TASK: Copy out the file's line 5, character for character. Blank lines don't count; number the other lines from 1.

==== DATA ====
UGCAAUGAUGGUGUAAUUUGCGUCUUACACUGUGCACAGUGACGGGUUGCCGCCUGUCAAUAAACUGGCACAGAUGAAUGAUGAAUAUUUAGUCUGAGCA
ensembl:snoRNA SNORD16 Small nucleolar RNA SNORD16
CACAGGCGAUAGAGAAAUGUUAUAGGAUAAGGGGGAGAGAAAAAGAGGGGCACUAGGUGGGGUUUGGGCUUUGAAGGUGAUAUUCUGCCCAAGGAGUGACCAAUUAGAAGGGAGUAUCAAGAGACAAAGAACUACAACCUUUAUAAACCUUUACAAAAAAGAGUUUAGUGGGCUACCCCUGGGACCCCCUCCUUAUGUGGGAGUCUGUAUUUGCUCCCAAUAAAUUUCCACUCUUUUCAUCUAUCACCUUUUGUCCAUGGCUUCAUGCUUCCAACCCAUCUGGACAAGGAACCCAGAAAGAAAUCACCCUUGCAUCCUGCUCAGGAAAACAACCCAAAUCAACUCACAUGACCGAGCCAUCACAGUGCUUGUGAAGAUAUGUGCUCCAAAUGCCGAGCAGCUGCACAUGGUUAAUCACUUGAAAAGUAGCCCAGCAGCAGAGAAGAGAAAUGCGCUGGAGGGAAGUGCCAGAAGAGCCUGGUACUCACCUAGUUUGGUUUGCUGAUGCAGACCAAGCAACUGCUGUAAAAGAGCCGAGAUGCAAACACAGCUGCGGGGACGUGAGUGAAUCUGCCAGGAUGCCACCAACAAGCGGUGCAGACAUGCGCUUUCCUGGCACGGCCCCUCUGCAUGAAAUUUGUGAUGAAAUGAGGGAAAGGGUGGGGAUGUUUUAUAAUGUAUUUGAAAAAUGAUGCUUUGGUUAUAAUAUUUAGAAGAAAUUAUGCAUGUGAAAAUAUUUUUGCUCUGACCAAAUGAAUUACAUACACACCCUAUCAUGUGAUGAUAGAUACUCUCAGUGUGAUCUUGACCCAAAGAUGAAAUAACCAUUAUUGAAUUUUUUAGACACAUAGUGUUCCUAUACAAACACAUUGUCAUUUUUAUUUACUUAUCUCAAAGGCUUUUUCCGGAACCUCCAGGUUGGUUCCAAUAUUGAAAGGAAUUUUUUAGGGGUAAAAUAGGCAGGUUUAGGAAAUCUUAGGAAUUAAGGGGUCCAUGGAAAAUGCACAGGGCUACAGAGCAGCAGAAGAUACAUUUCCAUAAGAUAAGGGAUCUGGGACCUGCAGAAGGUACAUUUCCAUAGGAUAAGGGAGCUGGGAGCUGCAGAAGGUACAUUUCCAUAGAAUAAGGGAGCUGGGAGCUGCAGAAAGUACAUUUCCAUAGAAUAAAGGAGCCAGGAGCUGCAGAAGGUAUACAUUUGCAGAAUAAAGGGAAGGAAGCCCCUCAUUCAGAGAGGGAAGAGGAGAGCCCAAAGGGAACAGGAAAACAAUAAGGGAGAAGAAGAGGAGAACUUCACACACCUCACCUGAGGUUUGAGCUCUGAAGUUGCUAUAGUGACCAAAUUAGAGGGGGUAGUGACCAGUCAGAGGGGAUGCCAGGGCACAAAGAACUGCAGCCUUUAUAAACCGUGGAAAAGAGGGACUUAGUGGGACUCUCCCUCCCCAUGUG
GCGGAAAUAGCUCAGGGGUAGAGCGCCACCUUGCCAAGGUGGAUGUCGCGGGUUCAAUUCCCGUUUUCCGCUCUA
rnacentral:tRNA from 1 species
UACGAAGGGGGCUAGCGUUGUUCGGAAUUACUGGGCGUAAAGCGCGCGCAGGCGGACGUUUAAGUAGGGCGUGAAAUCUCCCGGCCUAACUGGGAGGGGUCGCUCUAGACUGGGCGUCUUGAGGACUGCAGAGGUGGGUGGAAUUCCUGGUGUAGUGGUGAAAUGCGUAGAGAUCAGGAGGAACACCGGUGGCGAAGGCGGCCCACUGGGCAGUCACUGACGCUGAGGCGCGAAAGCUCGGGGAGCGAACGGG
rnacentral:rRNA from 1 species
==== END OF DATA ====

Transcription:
rnacentral:tRNA from 1 species